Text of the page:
Class implementing radial basis function networks for classification, trained in a fully supervised manner using WEKA's Optimization class by minimizing squared error with the BFGS method
Note that all attributes are normalized into the [0,1] scale.The initial centers for the Gaussian radial basis functions are found using WEKA's SimpleKMeans.
The initial sigma values are set to the maximum distance between any center and its nearest neighbour in the set of centers.There are several parameters.
The ridge parameter is used to penalize the size of the weights in the output layer.The number of basis functions can also be specified.
Note that large numbers produce long training times.Another option determines whether one global sigma value is used for all units (fastest), whether one value is used per unit (common practice, it seems, and set as the default), or a different value is learned for every unit/attribute combination.
It is also possible to learn attribute weights for the distance function.(The square of the value shown in the output is used.) Finally, it is possible to use conjugate gradient descent rather than BFGS updates, which can be faster for cases with many parameters, and to use normalized basis functions instead of unnormalized ones.
To improve speed, an approximate version of the logistic function is used as the activation function in the output layer.Also, if delta values in the backpropagation step are within the user-specified tolerance, the gradient is not updated for that particular instance, which saves some additional time.
Paralled calculation of squared error and gradient is possible when multiple CPU cores are present.Data is split into batches and processed in separate threads in this case.
Note that this only improves runtime for larger datasets.Nominal attributes are processed using the unsupervised NominalToBinary filter and missing values are replaced globally using ReplaceMissingValues.
(based on WEKA 3.7)
For further options, click the 'More' - button in the dialog.
All weka dialogs have a panel where you can specify classifier-specific parameters.
N: Number of Gaussian basis functions (default is 2).
R: Ridge factor for quadratic penalty on output weights (default is 0.01).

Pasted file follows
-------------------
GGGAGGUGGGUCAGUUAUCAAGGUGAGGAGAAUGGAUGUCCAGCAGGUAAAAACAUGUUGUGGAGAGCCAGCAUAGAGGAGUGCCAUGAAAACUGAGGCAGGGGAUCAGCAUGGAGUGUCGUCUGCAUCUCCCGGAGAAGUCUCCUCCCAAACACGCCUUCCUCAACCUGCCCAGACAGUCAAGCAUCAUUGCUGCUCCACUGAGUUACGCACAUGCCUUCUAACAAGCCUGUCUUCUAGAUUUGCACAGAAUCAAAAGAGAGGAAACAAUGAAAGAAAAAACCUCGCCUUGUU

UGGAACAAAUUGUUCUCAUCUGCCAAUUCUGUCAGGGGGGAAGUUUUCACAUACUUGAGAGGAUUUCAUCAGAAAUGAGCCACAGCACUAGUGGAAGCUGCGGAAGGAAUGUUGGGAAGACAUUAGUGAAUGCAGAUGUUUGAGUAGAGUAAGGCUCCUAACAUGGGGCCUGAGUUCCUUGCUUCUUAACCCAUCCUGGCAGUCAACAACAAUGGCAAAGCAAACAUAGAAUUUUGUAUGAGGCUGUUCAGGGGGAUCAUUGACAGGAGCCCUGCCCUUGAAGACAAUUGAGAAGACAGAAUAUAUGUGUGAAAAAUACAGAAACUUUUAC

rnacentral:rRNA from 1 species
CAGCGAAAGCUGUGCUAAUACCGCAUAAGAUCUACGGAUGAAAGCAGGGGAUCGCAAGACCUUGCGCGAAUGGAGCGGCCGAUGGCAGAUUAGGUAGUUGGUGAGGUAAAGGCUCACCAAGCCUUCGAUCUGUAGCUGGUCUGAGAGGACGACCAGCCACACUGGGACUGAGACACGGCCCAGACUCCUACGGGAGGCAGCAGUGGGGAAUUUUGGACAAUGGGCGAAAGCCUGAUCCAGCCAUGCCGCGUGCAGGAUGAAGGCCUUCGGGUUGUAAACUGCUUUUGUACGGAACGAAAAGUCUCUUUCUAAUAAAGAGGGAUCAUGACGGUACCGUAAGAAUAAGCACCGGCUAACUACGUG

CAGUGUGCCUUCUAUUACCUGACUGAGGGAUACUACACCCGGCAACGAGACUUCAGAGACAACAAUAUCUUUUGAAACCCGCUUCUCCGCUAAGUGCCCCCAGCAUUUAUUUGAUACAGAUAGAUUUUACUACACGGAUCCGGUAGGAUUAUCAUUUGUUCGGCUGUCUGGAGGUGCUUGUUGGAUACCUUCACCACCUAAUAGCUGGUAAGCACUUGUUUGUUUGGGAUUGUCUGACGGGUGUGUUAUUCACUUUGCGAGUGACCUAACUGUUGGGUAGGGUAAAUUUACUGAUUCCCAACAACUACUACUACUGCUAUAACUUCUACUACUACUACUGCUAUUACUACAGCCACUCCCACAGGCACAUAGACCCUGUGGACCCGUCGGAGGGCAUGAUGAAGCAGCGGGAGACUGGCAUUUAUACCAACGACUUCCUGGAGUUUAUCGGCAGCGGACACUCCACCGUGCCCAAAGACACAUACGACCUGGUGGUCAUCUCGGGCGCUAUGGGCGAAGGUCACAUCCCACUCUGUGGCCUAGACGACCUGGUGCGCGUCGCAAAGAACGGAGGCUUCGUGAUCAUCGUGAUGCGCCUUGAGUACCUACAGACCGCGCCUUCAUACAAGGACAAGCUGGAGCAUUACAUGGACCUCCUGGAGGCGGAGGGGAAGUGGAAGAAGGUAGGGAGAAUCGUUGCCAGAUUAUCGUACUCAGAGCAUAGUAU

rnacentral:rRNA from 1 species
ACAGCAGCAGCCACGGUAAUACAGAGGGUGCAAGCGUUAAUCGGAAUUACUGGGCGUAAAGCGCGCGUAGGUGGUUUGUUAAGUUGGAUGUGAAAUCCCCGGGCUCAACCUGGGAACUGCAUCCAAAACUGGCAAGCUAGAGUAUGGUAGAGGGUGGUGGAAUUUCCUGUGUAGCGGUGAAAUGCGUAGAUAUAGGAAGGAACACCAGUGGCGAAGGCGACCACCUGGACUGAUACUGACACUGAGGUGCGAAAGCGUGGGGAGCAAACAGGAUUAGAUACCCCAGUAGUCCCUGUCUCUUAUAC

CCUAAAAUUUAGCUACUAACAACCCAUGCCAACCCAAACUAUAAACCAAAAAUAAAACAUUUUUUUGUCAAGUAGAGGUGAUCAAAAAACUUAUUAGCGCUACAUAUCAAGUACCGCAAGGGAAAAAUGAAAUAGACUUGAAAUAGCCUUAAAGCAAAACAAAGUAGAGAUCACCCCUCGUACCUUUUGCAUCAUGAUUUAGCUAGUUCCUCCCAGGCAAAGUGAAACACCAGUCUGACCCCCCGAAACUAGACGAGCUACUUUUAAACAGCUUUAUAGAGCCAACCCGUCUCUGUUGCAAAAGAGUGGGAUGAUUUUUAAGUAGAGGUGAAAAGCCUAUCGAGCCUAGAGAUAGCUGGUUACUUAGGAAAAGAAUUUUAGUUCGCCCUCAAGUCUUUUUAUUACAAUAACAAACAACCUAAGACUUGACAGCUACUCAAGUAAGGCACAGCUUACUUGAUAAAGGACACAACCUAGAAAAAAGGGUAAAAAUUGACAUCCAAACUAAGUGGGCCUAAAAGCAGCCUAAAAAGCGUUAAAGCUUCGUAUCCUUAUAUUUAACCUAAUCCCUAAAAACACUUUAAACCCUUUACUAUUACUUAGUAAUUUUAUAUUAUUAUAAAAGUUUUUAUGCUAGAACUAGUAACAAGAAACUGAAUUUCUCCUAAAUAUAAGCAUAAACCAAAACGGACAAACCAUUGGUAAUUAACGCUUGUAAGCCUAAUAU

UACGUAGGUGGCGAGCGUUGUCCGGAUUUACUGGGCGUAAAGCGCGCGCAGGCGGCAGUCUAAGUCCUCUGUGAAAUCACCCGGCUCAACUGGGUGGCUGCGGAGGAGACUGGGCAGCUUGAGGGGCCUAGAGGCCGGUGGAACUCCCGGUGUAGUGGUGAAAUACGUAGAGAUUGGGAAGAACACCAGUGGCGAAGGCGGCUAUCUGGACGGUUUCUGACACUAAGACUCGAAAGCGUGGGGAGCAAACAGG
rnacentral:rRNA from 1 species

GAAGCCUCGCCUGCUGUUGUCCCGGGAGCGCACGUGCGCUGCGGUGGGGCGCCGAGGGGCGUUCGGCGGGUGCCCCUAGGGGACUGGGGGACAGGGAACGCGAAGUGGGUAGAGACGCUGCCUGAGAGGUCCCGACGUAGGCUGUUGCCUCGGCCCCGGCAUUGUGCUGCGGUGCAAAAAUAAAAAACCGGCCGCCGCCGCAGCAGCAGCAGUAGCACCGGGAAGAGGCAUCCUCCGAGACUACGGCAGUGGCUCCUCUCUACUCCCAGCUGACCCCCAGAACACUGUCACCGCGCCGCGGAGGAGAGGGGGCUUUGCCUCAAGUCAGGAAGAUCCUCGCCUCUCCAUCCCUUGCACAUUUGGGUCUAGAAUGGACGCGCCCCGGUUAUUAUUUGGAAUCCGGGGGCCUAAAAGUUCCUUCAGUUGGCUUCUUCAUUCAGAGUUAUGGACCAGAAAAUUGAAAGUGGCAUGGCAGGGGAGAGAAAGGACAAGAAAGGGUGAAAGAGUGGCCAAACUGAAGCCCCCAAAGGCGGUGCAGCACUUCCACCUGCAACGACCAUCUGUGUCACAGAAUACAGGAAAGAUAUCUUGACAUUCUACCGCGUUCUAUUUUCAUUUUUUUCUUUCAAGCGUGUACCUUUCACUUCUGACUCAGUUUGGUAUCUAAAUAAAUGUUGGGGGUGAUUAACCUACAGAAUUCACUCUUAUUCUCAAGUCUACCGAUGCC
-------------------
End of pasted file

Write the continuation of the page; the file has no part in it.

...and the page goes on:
L: Tolerance parameter for delta values (default is 1.0e-6).
C: The scale optimization option: global scale (1), one scale per unit (2), scale per unit and attribute (3) (default is 2).
G: Use conjugate gradient descent (recommended for many attributes).
O: Use normalized basis functions.
A: Use attribute weights.
P: The size of the thread pool, for example, the number of cores in the CPU. (default 1)
E: The number of threads to use, which should be >= size of thread pool. (default 1)
S: Random number seed. (default 1)
D: If set, classifier is run in debug mode and may output additional info to the console
The Preliminary Attribute Check tests the underlying classifier against the DataTable specification at the inport of the node. Columns that are compatible with the classifier are marked with a green 'ok'. Columns which are potentially not compatible are assigned a red error message.
Important: If a column is marked as 'incompatible', it does not necessarily mean that the classifier cannot be executed! Sometimes, the error message 'Cannot handle String class' simply means that no nominal values are available (yet). This may change during execution of the predecessor nodes.
Capabilities: [Nominal attributes, Binary attributes, Unary attributes, Empty nominal attributes, Numeric attributes, Date attributes, Missing values, Numeric class, Date class, Missing class values] Dependencies:  min # Instance: 1
It shows the command line options according to the current classifier configuration and mainly serves to support the node's configuration via flow variables.
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